The server software has nothing to do with it, it's a framework issue.
            • Re: (Score:1, Troll)

              by devent (1627873)

              There are 197 results, but half of them are posted on a wordpress blog about something else. This search yields 347 results [google.com] which are all IIS vulnerabilities, my favorite one is 500 Thousand MS Web Servers Hacked [slashdot.org]. A search for the same with Apache is useless, because Slashdot have a menu with an "Apache" item. The Slashdot's own search against "Apache vulnerability" only yields one reacent item Serious Apache Exploit Discovered [slashdot.org], which only affects Windows servers. And the next is from 2008 Mystery Malware [slashdot.org]

              • by t0y (700664)
                This discussion would be over quickly once you understand that this isn't a IIS bug.
                Anyway, put any of these hacked websites running under Apache/Mono and voilá, an Apache vulnerability under your definition.

                Thanks for playing. ;)
                • Re: (Score:1, Troll)

                  by devent (1627873)

                  Technically it's not an IIS bug, true. But why is only the IIS affected and not the more used Apache? Actually, why is it always the IIS and almost never the Apache? You should think that a hacker would target the most used webserver to hack as many websites as he/she can.

          • It is done on a vast majority of php sites, you just haven't been around long enough to hear about it I guess. phpBB back in the day had this issue like crazy and once someone found it could be injected, any major public forum using phpBB was injected. You just hear about IIS/ASP more on /. because OMG it's M$ products being hacked again. But really SQL injection has nothing to do with the technology being used and everything to do with lazy coding methods being used in applications.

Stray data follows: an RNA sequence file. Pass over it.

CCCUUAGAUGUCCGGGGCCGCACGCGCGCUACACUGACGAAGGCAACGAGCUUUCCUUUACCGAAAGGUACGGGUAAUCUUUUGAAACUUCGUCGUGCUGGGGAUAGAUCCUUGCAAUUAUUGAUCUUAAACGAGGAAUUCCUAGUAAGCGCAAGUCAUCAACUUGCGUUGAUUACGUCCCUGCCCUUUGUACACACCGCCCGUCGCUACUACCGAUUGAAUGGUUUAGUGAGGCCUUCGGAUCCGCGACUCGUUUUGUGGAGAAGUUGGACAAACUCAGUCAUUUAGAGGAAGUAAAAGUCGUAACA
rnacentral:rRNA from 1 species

• by Jaime2 (824950)
        Neither this bug nor the one you linked to would affect a properly written web application on ASP.Net. This one requires the developer to store the user name in a cookie (and then trust it), and the linked one was SQL injection, which is easily preventable.
    • NOOOO! (Score:5, Insightful)

      by spongman (182339) on Sunday September 19, 2010 @06:57PM (#33630652)

      The attack requires the ASP.NET error page that shows exception information to be enabled.

      NO! NO! NO!

      This is wrong, and dangerous. There is no such requirement, the HTTP status code is sufficient. Actually, the timing is sufficient, but slightly harder to exploit.

      No sane person will leave it like this in production let alone that it is turned off by default.

      This is correct, and, unfortunately, why the 1st statement is so dangerous.

      Assuming that your site is safe just because you've followed best practices is WRONG! You MUST apply the fix in ScottGu's post immediately!

  • POET tool? More like Pwnit.
  • This was demoed at the ekoparty and was pretty cool, they gave away three copies of their POET tool, the crowd was like crazy for those pen drives thrown out.
  • Not just ASP.NET (Score:5, Informative)

    by shutdown -p now (807394) on Sunday September 19, 2010 @06:37PM (#33630550) Journal

    I understand this is Slashdot and all, and it would be very politically incorrect to ask the editors to read the original paper about the attack [usenix.org], much less understand it... but, for God's sake, the paper starts with a demo of this attack on JSF (which has precisely the same issues as ASP.NET)! There's also a presentation [netifera.com] devoted entirely to attacking JSF apps with this.

    And starting from there, I'll just quote: